Before we get into our weekly recap, we wanted to share some very exciting news! Tonight, our teens will be delivering the d’var torah at Congregation Gates of Prayer in Metairie, LA, and we just found out that the service will be live-streamed. You can watch, live, as our teens represent our program and discuss the incredible experiences they’ve had so far, by visiting www.gatesofprayer.org and selecting Live Streaming Video on the middle right hand side of the page. If you miss it, not to worry. We will be posting the text of their d’var torah on our blog tomorrow, and the video will be archived and available to watch in the future. We will provide you with that information as we get it. Shabbat Shalom!
Who can invoke change in their community and world? During this past week, we have worked to answer this question through visits to well-known Civil Rights sites, our volunteer work in New Orleans, and the time we have spent within the community we have created here during the past two weeks.
The time we spent in Alabama was unforgettable for participants and staff alike. While everyone’s prior knowledge of the Civil Rights Movement varied, it was inspiring to visit the exact sites of so many historic events that changed the course of history and helped to mold the world we know today. During our time at the National Voting Rights Museum and the Edmund Pettus Bridge in Selma, the Rosa Parks Museum and the Civil Rights Memorial in Montgomery, and the Civil Rights Institute and Kelly Ingram Park in Birmingham, we learned firsthand about the lengths citizens went through to help guarantee equality, regardless of a person’s race. After our long weekend of learning, we were welcomed into the 16th Street Baptist Church community for services on Sunday morning. Being part of this community, set in such an important space to the Civil Rights Movement, we were reminded yet again of the power of individual people working together.
It was incredible to reflect on the passion and commitment of so many individuals, oftentimes in the exact places where they spoke out against the injustice that was around them. We talked about how these stories from the past cannot be solely that – they must be pieces of history that inspire us now. In the wake of last week’s incredibly important Supreme Court decisions, our time in Alabama provided a natural backdrop for us to discuss our role in writing these stories of history for future generations. At the Southern Poverty Law Center’s Civil Rights Memorial, we learned about how much injustice still exists in our country today, and we were able to sign the Wall of Tolerance, a pledge against hate, injustice, and intolerance, and a promise to work towards equality and justice for all on a day-to-day basis. After returning to New Orleans on Sunday, the teens shared ways they could take a stand against the injustice they see and uphold the pledge in their lives back home.
Upon returning to New Orleans, we volunteered with two final organizations –St. Bernard Project and NOLA Green Roots. At SBP, we learned about two families’ struggles to overcome the hardships in their lives after Hurricane Katrina. Nearly eight years later, these two families are still waiting to return to homes that are safe enough to live in, and we have been fortunate enough to be part of this rebuilding process. The other organization, NOLA Green Roots, helps create and maintain community gardens in neighborhoods throughout New Orleans. These partnerships with the community help grant easier and cheaper access to health food and fresh produce to people who might not be able to access it otherwise. While their missions and work are very different, the work of both of these organizations seek to provide better lives for its beneficiaries, truly striving to continue the fights of the 1960s.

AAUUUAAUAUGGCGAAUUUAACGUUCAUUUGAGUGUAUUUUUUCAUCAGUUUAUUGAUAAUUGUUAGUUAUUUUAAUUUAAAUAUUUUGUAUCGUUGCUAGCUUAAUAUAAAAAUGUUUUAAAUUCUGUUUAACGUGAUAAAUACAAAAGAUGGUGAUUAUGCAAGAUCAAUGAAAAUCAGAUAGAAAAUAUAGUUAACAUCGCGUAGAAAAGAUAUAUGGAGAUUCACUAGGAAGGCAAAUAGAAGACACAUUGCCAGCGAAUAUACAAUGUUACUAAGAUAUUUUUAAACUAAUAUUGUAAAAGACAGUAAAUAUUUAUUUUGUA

While this week was filled with lots of hard work, we were also able to make time for fun too! In Alabama, we enjoyed a night of mini-golf, laser tag, and go-karting. Back in New Orleans, we spent time in the French Quarter, learned about Mardi Gras during our visit to Mardi Gras World, and enjoyed a Zephyrs’ baseball game, complete with Fourth of July fireworks!
As we prepare to say goodbye to one another and return to our worlds back home, it is our hope that each member of our MCS community will hold with them the knowledge that by working together, we can accomplish great things. This week, we read and discussed a quote by author Jodi Picoult: “Heroes don’t leap tall buildings or stop bullets with an outstretched hand; they don’t wear boots and capes. They bleed, and they bruise, and their superpowers are as simple as listening, or loving. Heroes are ordinary people who know that even if their own lives are impossibly knotted, they can untangle someone else’s. And maybe that one act can lead someone to rescue you right back.” While it’s easy to forget it now, those who wrote the history of the Civil Rights Movement weren’t any different than us. They were individuals who stood up for what they believed in and fought for those beliefs. These two weeks have energized us to carry all we have learned here in the South back to our communities, where we will strive to follow in the footsteps of those who set ripples of change into effect.
It’s hard to believe it was only two weeks ago that we were planning for this group of amazing 24 teens to join us down here in New Orleans. Everything they have accomplished – both in the community and within themselves – has been incredible to watch and while I will be sad to send them back to you on Sunday, I am eager to share the magic with you, to have you see and hear firsthand about the work they have done and the friendships they have made.
Wishing you a restful and peaceful Shabbat,
Darian, Emily, Elliot, Jonah, and Alexa
Mitzvah Corps New Orleans & North American Staff